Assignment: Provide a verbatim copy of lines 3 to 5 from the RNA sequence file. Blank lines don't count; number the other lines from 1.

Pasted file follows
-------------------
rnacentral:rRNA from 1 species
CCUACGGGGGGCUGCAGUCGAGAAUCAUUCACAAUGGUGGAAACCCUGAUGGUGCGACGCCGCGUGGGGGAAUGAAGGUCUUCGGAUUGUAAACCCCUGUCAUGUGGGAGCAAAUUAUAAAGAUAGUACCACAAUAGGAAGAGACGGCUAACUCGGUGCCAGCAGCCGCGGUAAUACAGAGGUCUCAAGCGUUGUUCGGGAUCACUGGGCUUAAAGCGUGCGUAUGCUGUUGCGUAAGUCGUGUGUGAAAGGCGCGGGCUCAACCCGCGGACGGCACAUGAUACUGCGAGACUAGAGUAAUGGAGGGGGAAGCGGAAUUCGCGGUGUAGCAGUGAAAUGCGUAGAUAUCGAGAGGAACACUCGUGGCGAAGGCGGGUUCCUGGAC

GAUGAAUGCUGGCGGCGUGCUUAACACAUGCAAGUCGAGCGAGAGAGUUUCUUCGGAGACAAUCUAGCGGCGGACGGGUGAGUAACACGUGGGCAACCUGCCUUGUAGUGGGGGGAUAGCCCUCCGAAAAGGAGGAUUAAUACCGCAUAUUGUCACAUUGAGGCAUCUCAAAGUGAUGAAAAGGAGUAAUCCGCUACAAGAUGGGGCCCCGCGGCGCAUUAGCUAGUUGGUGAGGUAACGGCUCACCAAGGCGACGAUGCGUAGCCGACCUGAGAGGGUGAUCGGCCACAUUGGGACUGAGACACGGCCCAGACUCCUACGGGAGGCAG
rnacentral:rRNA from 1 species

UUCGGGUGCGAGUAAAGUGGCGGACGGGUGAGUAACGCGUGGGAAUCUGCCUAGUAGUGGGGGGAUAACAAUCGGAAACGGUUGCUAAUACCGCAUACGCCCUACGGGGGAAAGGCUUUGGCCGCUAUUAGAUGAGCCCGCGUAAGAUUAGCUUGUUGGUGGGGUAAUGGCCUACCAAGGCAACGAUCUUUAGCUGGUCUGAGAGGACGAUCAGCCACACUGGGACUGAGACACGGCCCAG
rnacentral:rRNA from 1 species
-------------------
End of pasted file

GAUGAAUGCUGGCGGCGUGCUUAACACAUGCAAGUCGAGCGAGAGAGUUUCUUCGGAGACAAUCUAGCGGCGGACGGGUGAGUAACACGUGGGCAACCUGCCUUGUAGUGGGGGGAUAGCCCUCCGAAAAGGAGGAUUAAUACCGCAUAUUGUCACAUUGAGGCAUCUCAAAGUGAUGAAAAGGAGUAAUCCGCUACAAGAUGGGGCCCCGCGGCGCAUUAGCUAGUUGGUGAGGUAACGGCUCACCAAGGCGACGAUGCGUAGCCGACCUGAGAGGGUGAUCGGCCACAUUGGGACUGAGACACGGCCCAGACUCCUACGGGAGGCAG
rnacentral:rRNA from 1 species

UUCGGGUGCGAGUAAAGUGGCGGACGGGUGAGUAACGCGUGGGAAUCUGCCUAGUAGUGGGGGGAUAACAAUCGGAAACGGUUGCUAAUACCGCAUACGCCCUACGGGGGAAAGGCUUUGGCCGCUAUUAGAUGAGCCCGCGUAAGAUUAGCUUGUUGGUGGGGUAAUGGCCUACCAAGGCAACGAUCUUUAGCUGGUCUGAGAGGACGAUCAGCCACACUGGGACUGAGACACGGCCCAG